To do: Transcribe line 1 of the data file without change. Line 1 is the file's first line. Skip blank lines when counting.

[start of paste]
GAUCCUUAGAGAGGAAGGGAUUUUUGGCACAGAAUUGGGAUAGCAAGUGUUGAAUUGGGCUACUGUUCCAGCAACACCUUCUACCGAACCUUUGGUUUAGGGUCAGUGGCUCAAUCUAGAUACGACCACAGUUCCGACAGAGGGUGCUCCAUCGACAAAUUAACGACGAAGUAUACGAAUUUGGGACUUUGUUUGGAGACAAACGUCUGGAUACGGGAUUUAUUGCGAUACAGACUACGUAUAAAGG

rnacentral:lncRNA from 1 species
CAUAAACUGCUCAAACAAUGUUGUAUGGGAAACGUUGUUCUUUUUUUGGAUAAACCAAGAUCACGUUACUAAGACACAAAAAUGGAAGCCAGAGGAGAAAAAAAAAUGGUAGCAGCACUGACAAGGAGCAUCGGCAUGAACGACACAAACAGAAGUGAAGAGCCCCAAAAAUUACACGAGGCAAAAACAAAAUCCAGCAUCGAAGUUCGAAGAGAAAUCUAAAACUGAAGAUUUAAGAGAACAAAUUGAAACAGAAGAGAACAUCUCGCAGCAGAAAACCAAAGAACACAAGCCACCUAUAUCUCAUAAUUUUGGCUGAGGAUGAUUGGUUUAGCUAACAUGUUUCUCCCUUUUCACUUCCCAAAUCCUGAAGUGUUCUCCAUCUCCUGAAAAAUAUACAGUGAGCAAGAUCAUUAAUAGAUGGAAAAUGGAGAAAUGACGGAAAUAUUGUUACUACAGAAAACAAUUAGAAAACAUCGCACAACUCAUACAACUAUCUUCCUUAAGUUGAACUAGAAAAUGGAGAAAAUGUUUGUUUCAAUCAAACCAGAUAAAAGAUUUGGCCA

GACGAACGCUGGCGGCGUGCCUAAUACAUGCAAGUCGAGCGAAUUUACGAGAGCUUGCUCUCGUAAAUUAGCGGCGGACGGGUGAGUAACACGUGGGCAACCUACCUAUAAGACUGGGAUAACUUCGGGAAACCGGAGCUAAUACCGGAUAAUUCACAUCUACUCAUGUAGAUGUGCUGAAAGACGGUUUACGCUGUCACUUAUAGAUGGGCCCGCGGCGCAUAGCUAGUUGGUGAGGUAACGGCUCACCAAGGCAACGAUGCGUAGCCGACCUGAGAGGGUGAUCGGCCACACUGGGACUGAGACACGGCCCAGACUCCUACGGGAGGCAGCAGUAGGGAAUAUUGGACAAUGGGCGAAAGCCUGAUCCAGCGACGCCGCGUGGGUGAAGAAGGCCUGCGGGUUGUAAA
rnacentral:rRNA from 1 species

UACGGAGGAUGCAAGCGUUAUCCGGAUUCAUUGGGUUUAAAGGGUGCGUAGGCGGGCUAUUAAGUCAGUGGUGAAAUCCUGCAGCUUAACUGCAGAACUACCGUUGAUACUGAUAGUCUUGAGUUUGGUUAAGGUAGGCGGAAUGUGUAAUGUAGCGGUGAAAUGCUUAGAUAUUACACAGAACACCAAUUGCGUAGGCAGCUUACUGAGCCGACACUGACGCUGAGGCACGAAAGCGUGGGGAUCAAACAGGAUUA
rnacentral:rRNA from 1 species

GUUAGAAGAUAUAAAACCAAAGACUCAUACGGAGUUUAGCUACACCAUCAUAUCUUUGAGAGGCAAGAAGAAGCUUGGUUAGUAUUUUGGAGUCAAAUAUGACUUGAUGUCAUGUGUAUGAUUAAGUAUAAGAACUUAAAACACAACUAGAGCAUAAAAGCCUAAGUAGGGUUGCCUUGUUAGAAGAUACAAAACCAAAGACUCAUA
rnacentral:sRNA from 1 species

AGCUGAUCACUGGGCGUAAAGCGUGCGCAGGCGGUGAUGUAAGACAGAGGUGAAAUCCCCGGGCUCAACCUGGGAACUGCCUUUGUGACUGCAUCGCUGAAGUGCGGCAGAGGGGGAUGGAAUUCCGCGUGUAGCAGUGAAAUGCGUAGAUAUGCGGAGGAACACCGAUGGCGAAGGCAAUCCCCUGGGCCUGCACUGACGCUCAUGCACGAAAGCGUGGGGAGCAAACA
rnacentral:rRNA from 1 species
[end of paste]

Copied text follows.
GAUCCUUAGAGAGGAAGGGAUUUUUGGCACAGAAUUGGGAUAGCAAGUGUUGAAUUGGGCUACUGUUCCAGCAACACCUUCUACCGAACCUUUGGUUUAGGGUCAGUGGCUCAAUCUAGAUACGACCACAGUUCCGACAGAGGGUGCUCCAUCGACAAAUUAACGACGAAGUAUACGAAUUUGGGACUUUGUUUGGAGACAAACGUCUGGAUACGGGAUUUAUUGCGAUACAGACUACGUAUAAAGG